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Playground legends are legends for a number of reasons.
Here are a few.

by Lut Williams

I was stunned the other day on a trip to my hometown of Danville, Virginia to learn of the death of one James Orlando “Shag” Barksdale. An old friend told me of his passing.

“Shag” was, among other things, what we call in the ‘hood, “a playground legend.” In our youth, we used to claim Shag had the “keys” to the playground. That means whenever we showed up to shoot hoops at the Westmoreland playground, Shag was usually
already there. He seemed to come alive when we showed up.

For those who spent countless hours on that playground honing their games, many times in sweltering summer heat, drenched in street clothes from playing halfcourt one-on-ones, two-ontwos, three-on-threes, H-O-R-S-E and sometimes full-court games, Shag was the man. He kind of taught us the game.

He challenged and drove us to play better, learn the nuances of the game. He helped teach what it means to be selfless on the court – that basketball is a team game.hoops

He was the glad giver in the give-and-go, the tough rebounder and fighter in the trenches, the one who’d hit the tough shot with the game on the line. And he and we celebrated our playground conquests with vigor.

He was a point guard when he wanted and we needed him to be, a knock down shooter who seemed to never miss the big shot but would hustle and get you another possession when he sometimes did. He could guard and jostle with the biggest guy on the other team and frustrate him to death. He rebounded in traffic, took and exchanged elbows with whomever.

Did I mention that he had a funny, ‘flicted (that’s short for afflicted), two-handed shot, a cross between a push and a throw, that went in. And he was five-foot, eight. He burned with a competitive fire quite typical of playground hoops in the South. It was win or go home. Win or shut up. Win or take your humble seat on the sideline. And then shut up.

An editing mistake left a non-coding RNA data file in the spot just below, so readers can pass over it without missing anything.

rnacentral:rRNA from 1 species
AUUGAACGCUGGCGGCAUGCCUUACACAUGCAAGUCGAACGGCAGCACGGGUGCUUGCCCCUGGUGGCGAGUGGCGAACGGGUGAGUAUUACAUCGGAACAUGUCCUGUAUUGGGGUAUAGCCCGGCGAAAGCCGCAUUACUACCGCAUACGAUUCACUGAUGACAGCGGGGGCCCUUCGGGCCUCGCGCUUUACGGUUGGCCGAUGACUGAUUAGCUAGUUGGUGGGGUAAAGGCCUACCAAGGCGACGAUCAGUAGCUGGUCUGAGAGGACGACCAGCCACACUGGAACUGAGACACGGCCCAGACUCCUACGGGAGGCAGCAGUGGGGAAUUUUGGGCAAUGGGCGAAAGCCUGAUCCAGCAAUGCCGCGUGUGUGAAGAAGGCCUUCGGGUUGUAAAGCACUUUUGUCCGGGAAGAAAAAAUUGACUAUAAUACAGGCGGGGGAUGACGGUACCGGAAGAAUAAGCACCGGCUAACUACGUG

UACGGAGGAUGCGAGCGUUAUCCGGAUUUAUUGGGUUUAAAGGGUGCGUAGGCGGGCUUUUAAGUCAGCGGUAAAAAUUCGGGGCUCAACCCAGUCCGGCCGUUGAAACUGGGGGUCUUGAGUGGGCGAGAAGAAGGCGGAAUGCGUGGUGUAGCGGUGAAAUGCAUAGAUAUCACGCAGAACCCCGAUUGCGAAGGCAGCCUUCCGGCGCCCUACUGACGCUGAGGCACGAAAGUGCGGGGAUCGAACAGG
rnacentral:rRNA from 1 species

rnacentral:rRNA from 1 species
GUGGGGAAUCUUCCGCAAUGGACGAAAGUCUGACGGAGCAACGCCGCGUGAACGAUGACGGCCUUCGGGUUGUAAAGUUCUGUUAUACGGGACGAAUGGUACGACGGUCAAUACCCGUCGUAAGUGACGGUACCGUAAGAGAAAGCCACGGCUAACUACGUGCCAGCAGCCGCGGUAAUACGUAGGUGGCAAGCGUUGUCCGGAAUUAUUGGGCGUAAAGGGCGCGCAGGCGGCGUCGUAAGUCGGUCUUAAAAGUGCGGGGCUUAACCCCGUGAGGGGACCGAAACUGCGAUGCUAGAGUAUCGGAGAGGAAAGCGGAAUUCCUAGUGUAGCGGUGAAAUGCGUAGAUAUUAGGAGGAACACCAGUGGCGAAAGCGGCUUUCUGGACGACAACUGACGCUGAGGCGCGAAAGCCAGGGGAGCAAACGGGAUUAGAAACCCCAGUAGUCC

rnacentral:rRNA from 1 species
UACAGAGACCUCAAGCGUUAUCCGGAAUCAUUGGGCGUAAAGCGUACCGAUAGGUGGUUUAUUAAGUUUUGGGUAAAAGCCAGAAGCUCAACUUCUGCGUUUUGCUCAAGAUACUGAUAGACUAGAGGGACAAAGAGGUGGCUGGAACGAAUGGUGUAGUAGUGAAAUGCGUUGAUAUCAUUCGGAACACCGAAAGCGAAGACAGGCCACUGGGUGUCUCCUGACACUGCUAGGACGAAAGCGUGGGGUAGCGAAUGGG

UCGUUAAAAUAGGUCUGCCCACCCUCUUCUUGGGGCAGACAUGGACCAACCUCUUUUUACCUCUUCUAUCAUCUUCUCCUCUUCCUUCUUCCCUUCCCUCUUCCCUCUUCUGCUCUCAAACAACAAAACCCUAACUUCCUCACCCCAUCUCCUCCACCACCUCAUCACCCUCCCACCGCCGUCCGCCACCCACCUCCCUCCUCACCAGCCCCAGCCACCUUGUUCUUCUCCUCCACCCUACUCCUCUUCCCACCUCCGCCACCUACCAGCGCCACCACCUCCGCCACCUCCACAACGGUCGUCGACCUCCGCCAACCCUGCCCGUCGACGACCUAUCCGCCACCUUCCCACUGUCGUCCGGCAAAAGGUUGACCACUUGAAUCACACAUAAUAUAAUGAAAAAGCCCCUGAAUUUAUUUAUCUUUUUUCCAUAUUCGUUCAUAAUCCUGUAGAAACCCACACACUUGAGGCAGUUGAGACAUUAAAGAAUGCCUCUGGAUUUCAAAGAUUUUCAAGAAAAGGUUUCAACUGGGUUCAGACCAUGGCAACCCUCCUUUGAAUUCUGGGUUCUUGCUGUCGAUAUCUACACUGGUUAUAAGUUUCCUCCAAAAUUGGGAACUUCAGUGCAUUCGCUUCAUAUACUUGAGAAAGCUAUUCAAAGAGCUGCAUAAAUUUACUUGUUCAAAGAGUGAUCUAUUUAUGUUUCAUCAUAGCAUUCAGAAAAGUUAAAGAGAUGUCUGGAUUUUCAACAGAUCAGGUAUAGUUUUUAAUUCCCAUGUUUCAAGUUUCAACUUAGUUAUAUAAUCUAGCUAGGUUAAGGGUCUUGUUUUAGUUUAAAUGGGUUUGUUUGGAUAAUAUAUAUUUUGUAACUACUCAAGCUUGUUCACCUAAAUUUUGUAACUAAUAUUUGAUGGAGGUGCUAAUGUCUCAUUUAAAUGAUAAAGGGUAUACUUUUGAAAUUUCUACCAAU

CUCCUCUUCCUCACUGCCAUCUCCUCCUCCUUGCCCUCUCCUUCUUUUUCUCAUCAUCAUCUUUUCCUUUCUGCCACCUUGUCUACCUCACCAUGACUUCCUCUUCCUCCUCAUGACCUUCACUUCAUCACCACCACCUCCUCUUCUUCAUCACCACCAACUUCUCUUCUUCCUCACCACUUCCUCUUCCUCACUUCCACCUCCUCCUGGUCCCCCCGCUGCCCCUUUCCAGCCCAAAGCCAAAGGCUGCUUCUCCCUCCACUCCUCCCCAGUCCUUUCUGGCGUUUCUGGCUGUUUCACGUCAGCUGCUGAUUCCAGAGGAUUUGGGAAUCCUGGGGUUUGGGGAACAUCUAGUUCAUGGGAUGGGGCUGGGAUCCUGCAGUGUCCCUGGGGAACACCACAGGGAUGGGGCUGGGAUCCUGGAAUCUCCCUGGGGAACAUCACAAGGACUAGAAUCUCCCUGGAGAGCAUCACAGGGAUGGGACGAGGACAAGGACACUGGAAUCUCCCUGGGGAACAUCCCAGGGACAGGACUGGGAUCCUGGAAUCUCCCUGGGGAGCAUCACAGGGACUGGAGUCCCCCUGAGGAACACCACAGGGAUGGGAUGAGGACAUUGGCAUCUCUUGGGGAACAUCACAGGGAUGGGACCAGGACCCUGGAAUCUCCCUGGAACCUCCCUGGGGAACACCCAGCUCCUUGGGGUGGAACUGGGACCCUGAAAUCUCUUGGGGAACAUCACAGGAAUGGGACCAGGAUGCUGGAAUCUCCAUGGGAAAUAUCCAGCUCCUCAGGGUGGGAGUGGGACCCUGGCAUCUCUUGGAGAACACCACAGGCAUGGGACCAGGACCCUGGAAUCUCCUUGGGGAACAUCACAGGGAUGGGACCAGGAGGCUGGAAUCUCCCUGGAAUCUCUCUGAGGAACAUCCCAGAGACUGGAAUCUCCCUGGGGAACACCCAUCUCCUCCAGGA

Probably what I liked most about Shag was how he made me and others feel. He’d call me ‘Walt’ or ‘Clyde’ as I tried to emulate the legendary Walt “Clyde” Frazier of the New York Knicks after watching the Knicks on Sunday’s telecasts of NBA games on ABC.
He gave Bay-Bay, our Howard Graves, the nickname ‘Baylor’ for his abilty to hang in the air and score like NBA legend Elgin Baylor. ‘Nudy,’ our Eugene Jackson, would be dubbed “Pearl” or “Pistol” for his ability to spin and twirl like Earl “The Pearl” Monroe or do
seeming tricks with the ball like “Pistol” Pete Maravich. We were budding NBA stars, right there in little old Danville, because of guys like Shag.

While I’ve always known that Shag was quite older than me, I never really knew how old he was, or his real name until I read his obituary. From most of what I know, Shag may have dropped out of high school. Why, I don’t really know. Like many playground
legends, he never made the high school team. We’d often ask, after witnessing some aspect of his playground wizardry, how come?
And we’d ask again just how old he was and how with such refined skils and love for the game could he have been kept off our high school team.

And he seemingly never answered.

What was so stunning in hearing of his death is that I never really got a chance, at now 61 years old, to thank him and let him know what he meant to me, and how much I and others appreciated those special moments on Westmoreland’s playground. When I
heard of his passing, I wanted to rush to the funeral home to pay my respects to his family and say a final heartfelt goodbye. Below, in some of his obituary, you’ll see why I couldn’t. But I am one of those friends mentioned.

Shag was like an older brother who takes you under his wing and shows you the way. Losing Shag was like losing one of your best friends.

So, here’s to all the Shags in the world. There’s probably at least one in every town.
If you played sandlot basketball, I’m pretty sure you’ve got yours.

Shag is ours.

James Orlando “Shag” Barksdale, 69, of 704 Berryman Avenue died Sunday, October 4, 2015 at Carilion Roanoke Hospital in Roanoke, VA. Born July 15, 1946, in Danville, VA he was the son of the late Rev. James B. Barksdale and the late Nettie Howerton Barksdale.

The family will receive friends at the residence of 128 Summit Road, Danville, VA.

A private memorial service will be held at a later date.



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